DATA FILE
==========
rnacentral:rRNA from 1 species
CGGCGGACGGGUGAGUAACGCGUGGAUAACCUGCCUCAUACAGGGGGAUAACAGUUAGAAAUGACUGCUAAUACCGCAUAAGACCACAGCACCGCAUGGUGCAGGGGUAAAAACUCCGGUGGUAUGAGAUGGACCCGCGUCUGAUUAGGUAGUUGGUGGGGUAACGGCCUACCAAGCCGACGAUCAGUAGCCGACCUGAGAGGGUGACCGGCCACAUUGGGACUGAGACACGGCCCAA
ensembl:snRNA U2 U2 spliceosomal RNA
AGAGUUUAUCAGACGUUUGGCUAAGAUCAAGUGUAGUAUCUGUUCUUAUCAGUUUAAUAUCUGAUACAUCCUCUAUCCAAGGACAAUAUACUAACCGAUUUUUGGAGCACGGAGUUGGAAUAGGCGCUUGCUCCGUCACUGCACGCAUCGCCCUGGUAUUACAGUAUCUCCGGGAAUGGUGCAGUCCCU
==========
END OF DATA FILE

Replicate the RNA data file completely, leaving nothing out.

rnacentral:rRNA from 1 species
CGGCGGACGGGUGAGUAACGCGUGGAUAACCUGCCUCAUACAGGGGGAUAACAGUUAGAAAUGACUGCUAAUACCGCAUAAGACCACAGCACCGCAUGGUGCAGGGGUAAAAACUCCGGUGGUAUGAGAUGGACCCGCGUCUGAUUAGGUAGUUGGUGGGGUAACGGCCUACCAAGCCGACGAUCAGUAGCCGACCUGAGAGGGUGACCGGCCACAUUGGGACUGAGACACGGCCCAA
ensembl:snRNA U2 U2 spliceosomal RNA
AGAGUUUAUCAGACGUUUGGCUAAGAUCAAGUGUAGUAUCUGUUCUUAUCAGUUUAAUAUCUGAUACAUCCUCUAUCCAAGGACAAUAUACUAACCGAUUUUUGGAGCACGGAGUUGGAAUAGGCGCUUGCUCCGUCACUGCACGCAUCGCCCUGGUAUUACAGUAUCUCCGGGAAUGGUGCAGUCCCU